What are the types of vitamins,no sugar diet plan,lose weight permanently in 14 steps,dieter bohlen nichts als die wahrheit erstauflage - Good Point

Author: admin, 19.05.2015
As discussed above, there are two main categories of vitamins, fat soluble and water soluble. Vitamin A: Vitamin A is a fat soluble vitamin and is necessary for good eyesight, healthy skin, bones and hair. Intake of excessive fat soluble vitamins can result into high blood pressure problems and it induces toxic affects too. Vitamin B1 (Thiamine): Sources of vitamin B1 are grains, cereals, pasta and other plant foods. Vitamin B6 (Pyridoxine): Pyridoxine is present in meat, soya beans, whole grains, and in many vegetables. We can suffer a number of symptoms or disorders if we have a deficiency of any of these vitamins in our body. Let's look at each of the vitamins, why we need them, what the sources are, and what the effects of either an excess or deficiency may be.
The vitamin B complex consists of water soluble vitamins, necessary for a healthy heart and nervous system, the formation of red blood cells, absorption of protein and breaking down of carbohydrates.
Vitamin K is a fat soluble vitamin noted for its importance in blood coagulation and blood clotting. From the above, it's obvious that we need each of the types of vitamins, not too few and not too many. Eating healthier food that is rich in vitamins and minerals ensures good health, less heart problem and regulated blood pressure. We can easily get adequate amount of Vitamin A from our diet as it is a major and natural component of fruits, vegetables, dairy products and egg yolks. Also to prevent the heart attacks an individual should avoid smoke, consume low fat diets and do exercise daily. It is less available in plant food so vegetarians are much more deficient with this vitamin as compared to non- vegetarians.
We get most of these in a well balanced diet, as they occur naturally in the many different foods we eat. The symptoms of a vitamin deficiency can be mild or severe.  We can also run into problems if we eat too many of a given type of vitamin.

A fat soluble vitamin, vitamin A plays a role in developing our bones and most of the soft tissue and membranes in our body. The vitamin B complex is the energy vitamin, as red blood cells carrying oxygen through the body heavily depend upon the B vitamins. We produce some of our own vitamin K, bacteria in our intestines performing that function, but can also get it from liver, cereals, and members of the cabbage family.
Vitamins protect living system from many diseases such as anemia, rickets, beriberi, pellagra etc. Rich sources of vitamin E are nuts, whole grains and vegetable oils such as soya bean, corn, cottonseed and safflower. The B complex tablet or a multivitamin that contains at least 3mg of vitamin B12 each day is recommended to deal with deficiency. These vitamins belong to two different categories, with vitamins B and C being water soluble vitamins and the others, vitamins A, D, E, and K making up the list of fat soluble vitamins. This will rarely happen if we stick to a normal diet, but can occur if one is taking vitamin pills or supplements in excess.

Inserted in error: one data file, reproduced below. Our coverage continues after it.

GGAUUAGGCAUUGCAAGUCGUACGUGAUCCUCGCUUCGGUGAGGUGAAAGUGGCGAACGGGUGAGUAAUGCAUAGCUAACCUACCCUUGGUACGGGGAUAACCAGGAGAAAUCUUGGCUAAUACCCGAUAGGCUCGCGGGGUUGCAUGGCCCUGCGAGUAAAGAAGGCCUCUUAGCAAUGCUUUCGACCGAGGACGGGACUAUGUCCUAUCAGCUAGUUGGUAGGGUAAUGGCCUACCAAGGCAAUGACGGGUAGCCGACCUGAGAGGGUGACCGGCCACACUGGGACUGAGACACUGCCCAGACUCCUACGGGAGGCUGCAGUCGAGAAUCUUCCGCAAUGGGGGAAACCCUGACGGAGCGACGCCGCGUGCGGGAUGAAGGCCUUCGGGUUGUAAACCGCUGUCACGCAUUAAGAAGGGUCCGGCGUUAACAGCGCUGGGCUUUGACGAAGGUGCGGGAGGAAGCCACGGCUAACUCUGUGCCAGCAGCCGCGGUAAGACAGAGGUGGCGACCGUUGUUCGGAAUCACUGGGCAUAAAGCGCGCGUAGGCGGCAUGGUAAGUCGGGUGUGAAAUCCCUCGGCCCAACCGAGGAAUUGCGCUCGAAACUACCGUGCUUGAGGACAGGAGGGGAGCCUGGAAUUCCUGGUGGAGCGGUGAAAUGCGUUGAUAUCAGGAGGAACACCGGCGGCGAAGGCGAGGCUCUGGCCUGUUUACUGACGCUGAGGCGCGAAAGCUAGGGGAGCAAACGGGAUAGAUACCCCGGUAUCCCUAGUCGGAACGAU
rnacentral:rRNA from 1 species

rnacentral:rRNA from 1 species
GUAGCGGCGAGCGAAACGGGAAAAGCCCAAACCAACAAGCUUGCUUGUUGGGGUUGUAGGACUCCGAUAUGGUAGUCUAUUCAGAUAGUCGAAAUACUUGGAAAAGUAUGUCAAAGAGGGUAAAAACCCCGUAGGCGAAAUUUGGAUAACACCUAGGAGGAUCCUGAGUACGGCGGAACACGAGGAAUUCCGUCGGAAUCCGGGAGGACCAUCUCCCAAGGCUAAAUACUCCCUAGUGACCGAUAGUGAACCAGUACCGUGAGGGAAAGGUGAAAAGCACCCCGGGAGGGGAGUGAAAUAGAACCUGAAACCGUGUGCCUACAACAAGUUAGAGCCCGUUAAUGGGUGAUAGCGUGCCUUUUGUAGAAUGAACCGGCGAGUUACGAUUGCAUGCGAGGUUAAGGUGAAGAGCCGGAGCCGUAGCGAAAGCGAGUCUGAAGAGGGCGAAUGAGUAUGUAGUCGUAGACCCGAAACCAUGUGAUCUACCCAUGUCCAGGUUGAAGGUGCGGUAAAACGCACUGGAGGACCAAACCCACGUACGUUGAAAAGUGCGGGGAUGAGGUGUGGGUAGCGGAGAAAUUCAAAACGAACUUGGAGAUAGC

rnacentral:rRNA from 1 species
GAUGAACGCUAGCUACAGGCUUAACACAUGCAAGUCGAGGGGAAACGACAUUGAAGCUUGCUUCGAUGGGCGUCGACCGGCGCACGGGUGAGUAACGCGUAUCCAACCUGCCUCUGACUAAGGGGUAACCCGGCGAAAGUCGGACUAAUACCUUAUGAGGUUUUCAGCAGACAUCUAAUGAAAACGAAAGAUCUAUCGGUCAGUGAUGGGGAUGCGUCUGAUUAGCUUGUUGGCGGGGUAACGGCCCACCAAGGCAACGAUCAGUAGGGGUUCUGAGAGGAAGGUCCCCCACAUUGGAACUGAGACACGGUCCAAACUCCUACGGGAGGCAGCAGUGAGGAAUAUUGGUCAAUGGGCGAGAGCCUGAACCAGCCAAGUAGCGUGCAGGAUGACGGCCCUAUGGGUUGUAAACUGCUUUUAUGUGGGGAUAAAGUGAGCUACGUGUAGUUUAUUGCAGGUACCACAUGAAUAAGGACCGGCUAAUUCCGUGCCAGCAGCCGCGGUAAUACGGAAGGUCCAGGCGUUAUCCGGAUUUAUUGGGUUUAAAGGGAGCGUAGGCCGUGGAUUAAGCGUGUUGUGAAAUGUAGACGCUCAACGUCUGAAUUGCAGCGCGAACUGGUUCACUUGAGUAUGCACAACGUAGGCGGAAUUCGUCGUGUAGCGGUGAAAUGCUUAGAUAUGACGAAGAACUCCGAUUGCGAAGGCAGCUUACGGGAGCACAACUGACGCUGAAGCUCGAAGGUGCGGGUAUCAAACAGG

We get vitamin B from many sources, grains, green vegetables, fish, beans, and dairy products.
It is essential for healthy teeth and gums and for the tissues supporting our internal organs, collagen. Fish, egg yolk, and dairy products are the primary sources of vitamin D, aside from fortified cereals or other fortified foods, and of course sunshine.
There are thirteen types of vitamins and none of these are synthesized by our body except vitamin B12. Study shows that people who take diets that are rich in vitamin D and calcium have less problems of bones and have less frequent fracture incidents. Deficiency of this vitamin can cause heart diseases, Parkinson’s diseases, cataracts and prostate cancer. A small amount of this vitamin is enough which can be fulfilled from B complex tablets or multivitamins. Predicting the effects of vitamin B deficiencies is quite complex, given the number of vitamins involved, and the multitude of functions supported.

We get vitamin C from citrus fruits, broccoli, cabbage, spinach, tomatoes, and a host of other vegetables. A deficiency of vitamin D can lead to rickets, a softening and possible deformity of the bones. Just as a car engine can not run smoothly without motor oil, similarly our body cannot function efficiently without the vitamins. For example if pregnant ladies have accumulated vitamin A in their bodies then it can results into severe problems for delivery and it is also possible that infant will develop many disorders after birth. The individuals who consume vitamin E in enough amounts are less prone to heart attack incidents. People who are deficient with vitamin B6 generally suffer from some brain and heart diseases. A deficiency is usually is first noticed in our vision, most commonly in the form of night blindness. An excess of vitamin B can result in nerve damage, and if vitamin be supplements are to be taken it's advisable to attempt to determine what an excessive dosage might be.
Vitamin C is sometimes taken in rather high doses, usually to prevent or combat colds or the flu, although its effectiveness in this role is unproven. An excess upsets the balance of calcium and phosphate in the body, leading to a number of symptoms including muscle weakness, and kidney stones. Usually any excess of vitamin C in our body will be naturally eliminated, but an excess is known to play a role in the formation of kidney stones, mostly due to a synergy between vitamin C and calcium. In extreme cases, hypervitaminosis A can result in liver damage and also present dangers to the fetus in a pregnant woman.

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